Chief Judge Stark Denies Motion to Dismiss for Improper Venue with Leave to Renew Following Venue Discovery

December 19, 2017

Publication| Intellectual Property

In Javelin Pharmaceuticals, Inc. v. Mylan Laboratories Ltd., No. 16-224-LPS (D. Del. Dec. 1, 2017), Chief Judge Stark denied a motion to dismiss or transfer for improper venue filed by the defendants, Mylan Laboratories Limited, Mylan, Inc., and Mylan Pharmaceuticals Inc. (collectively, “Mylan”), but with leave to renew after the plaintiffs, Javelin Pharmaceuticals, Inc., Hospira, Inc., and Janssen Pharmaceutica N.V. (collectively, “Janssen”), have the opportunity to take venue discovery.

After concluding that Mylan’s venue challenge was not untimely (since the Supreme Court’s decision in TC Heartland represented a change in controlling law), the Court found that Mylan did not forfeit the defense by participating in the litigation for over a year: Mylan originally asserted in its answer that venue was improper and moved to dismiss no more than three months after the TC Heartland decision was issued. Additionally, trial was scheduled for April 2018, around the same time that a parallel action in the Northern District of West Virginia (the proposed transferee forum) was scheduled to go to trial.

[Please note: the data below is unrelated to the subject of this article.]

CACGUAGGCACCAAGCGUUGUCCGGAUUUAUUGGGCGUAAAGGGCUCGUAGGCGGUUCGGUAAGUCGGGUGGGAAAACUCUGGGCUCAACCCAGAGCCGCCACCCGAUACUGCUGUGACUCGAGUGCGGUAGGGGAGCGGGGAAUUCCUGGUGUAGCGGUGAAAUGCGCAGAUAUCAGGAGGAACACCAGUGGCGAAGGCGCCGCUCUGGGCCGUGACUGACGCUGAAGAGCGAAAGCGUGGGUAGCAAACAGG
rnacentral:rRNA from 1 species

As the defendants were not Delaware corporations and thus did not “reside” in Delaware under the first part of the patent venue statute, the Court turned to the second part of the statute: whether Mylan had committed acts of infringement in the District of Delaware and has a regular and established place of business there. Although the Court found that Mylan failed to show that there were no acts of infringement, the Court was unable, on the present record, to determine whether Mylan had a regular and established place of business in the district. Reasoning that the ability of a company to “establish or ratify” an employee’s home as a regular and established place of business (as stated in In re Cray Inc., 871 F.3d 1355 (Fed. Cir. 2017)) could analogously apply all the more to corporate affiliates, the Court allowed Janssen to inquire into other affiliates or subsidiaries of Mylan Inc. that may have regular and established places of business in the district, places that could be attributed to Mylan to satisfy the patent venue statute.

Key Point: Although the Court allowed venue discovery, Chief Judge Stark noted that the defendants’ compliance with venue-related discovery would not result in the forfeiture of their improper-venue defense by participating in the lawsuit.

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